Valdez had some rust to shake off. It helped that Tommasone wasn’t much of a threat. The challenger from Italy had never been in the ring with anyone of note, and he’d only scored five knockouts in his 19 wins against that subpar opposition.

Tommasone still tried. He soon learned what it was like to be in with someone on Valdez’s level. Valdez hurt Tommasone early in the fourth round. Soon afterward he responded to a Tommasone combination by landing a good right hand counter, sending Tommasone staggering backward and then down to the canvas. Valdez scored a second knockdown later in the round, landing a left hook to the body that led Tommasone to take a quick knee.

Valdez dropped Tommasone for the third time on the night in the sixth round. That was a flash knockdown compared to the blow that ended things one round later. Valdez started the seventh round with a jab followed by a right uppercut. Tommasone collapsed. The referee waved things off immediately. Tommasone quickly rose and protested, but it was in vain. There was no need for this mismatch to go on.

Valdez is now 25-0 with 20 KOs. He named two featherweights in particular afterward: fellow titleholder Josh Warrington and former titleholder Carl Frampton.

Tommasone is now 19-1 with 5 KOs. At least he left the ring in Texas with one cause for celebration: He proposed to his girlfriend during the post-fight interview. She said yes.

Commey Blitzes Chaniev, Earn Unification Bout with Lomachenko

Richard Commey came into his fight with Isa Chaniev knowing that the winner would not only pick up a vacant lightweight world title, but would also likely go on to face the best 135-pounder in the world, Vasyl Lomachenko. It didn’t take long for Commey to show why he deserved that opportunity more than Chaniev.

Commey dropped Chaniev late in the first round, floored him again early in the second round, and continued to pummel Chaniev until the referee had no choice but to end the fight.

Chaniev had stood in with the heavy-handed Commey at the start of the fight, getting a feel for what he was in against. He soon got too much of a feel, getting caught with a flush punch at one point, then put down with another later. Commey set up the first knockdown with a left hook that fell short, but that shot served to distract Chaniev from the right hand that came right down the middle. Chaniev got up quickly on unsteady legs, though he was able to survive until the end of the round.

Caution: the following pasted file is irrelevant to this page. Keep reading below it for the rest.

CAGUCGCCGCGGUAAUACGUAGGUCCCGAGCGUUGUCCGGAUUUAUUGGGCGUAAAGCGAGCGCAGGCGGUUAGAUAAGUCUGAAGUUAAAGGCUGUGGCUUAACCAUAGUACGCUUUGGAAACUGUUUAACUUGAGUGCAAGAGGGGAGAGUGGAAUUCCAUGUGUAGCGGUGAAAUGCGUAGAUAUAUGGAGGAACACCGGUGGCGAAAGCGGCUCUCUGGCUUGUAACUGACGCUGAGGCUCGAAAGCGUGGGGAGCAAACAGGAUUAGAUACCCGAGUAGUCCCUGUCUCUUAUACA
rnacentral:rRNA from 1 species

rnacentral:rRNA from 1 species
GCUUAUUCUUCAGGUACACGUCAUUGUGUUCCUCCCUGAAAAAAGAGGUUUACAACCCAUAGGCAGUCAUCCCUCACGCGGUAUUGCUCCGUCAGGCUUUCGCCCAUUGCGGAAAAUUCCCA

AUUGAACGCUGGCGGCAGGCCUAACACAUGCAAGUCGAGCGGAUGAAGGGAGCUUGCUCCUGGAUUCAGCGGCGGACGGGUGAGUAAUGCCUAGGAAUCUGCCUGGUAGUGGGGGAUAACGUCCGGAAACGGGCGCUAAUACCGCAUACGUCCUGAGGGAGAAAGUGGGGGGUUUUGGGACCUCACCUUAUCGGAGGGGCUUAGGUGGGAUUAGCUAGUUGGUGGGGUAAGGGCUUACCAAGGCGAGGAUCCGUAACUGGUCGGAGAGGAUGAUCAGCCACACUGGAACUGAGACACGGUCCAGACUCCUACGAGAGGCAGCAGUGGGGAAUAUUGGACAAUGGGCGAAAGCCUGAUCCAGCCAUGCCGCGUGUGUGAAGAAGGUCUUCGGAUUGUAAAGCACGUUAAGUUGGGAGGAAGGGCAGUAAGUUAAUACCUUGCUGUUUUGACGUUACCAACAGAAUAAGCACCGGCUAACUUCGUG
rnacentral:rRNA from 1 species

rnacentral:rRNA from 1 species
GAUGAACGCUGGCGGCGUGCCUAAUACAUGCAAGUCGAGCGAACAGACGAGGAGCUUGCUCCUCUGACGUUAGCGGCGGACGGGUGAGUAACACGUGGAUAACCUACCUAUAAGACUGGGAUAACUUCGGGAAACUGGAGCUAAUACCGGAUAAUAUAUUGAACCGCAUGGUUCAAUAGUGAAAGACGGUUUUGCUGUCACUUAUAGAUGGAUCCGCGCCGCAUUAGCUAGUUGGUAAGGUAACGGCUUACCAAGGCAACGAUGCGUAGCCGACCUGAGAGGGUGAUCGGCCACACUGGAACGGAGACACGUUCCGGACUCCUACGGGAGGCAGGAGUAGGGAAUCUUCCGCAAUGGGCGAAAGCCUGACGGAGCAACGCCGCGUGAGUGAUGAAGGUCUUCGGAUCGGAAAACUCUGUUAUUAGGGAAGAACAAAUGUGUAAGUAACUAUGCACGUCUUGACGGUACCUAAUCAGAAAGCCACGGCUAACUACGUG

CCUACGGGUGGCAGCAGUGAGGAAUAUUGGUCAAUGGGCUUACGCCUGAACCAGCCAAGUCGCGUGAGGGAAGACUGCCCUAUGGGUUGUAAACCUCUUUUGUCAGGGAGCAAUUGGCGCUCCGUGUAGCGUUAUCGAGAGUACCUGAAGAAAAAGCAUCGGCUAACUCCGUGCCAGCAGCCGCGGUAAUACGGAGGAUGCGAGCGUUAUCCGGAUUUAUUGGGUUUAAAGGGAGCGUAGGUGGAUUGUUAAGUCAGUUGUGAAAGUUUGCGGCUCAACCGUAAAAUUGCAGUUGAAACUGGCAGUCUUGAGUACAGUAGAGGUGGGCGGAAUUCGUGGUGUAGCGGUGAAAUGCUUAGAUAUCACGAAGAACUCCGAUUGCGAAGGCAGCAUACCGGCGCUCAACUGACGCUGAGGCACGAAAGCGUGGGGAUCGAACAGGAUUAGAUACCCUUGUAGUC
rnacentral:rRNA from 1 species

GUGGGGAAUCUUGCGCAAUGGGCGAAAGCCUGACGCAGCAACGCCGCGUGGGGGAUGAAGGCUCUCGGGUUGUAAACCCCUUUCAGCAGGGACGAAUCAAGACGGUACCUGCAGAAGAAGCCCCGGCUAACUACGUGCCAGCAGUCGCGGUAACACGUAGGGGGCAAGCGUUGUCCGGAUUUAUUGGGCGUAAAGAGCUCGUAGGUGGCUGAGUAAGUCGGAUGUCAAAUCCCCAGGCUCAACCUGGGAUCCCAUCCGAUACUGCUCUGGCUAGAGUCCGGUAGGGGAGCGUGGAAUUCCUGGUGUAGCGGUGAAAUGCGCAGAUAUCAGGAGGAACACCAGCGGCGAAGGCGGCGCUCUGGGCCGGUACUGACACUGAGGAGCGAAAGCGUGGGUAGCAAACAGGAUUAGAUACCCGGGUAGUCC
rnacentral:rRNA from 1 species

The bell rang for the second round, and then Commey rang Chaniev’s bell again, this time with a left hook. Chaniev got up quickly again. Commey knew he had a vulnerable opponent and came forward with the intent of closing the show. Chaniev tried to hold, but he couldn’t stem the onslaught. The referee jumped in just as Chaniev began to go down again.

Commey is now 28-2 with 25 KOs. His two losses came back to back in the span of three months in 2016. There was a close split decision loss to then-titleholder Robert Easter in a highly competitive battle, and then came another split decision defeat to contender Denis Shafikov. This win makes four straight victories.

He’ll have his work cut out for him against Lomachenko, a highly skilled boxer widely regarded as one of the best fighters in the world.

That fight is expected to take place on April 12. However, first Commey will need to have his right hand looked at, according to Dan Rafael of

“He said he hurt a knuckle on his right hand in the first round,” Rafael tweeted on Saturday night. “He said he didn’t think it was anything big, but he will have it checked out.”

Chaniev is now 13-2 with 6 KOs.

David Greisman
About the Author:

David Greisman. David Greisman is an award-winning boxing writer based out of Washington, D.C., who has covered the sport since 2004. He is the senior staff writer and "Fighting Words" columnist for and a reporter for The Ring magazine. Greisman is the author of the book "Fighting Words: The Heart and Heartbreak of Boxing." Follow on Twitter @fightingwords2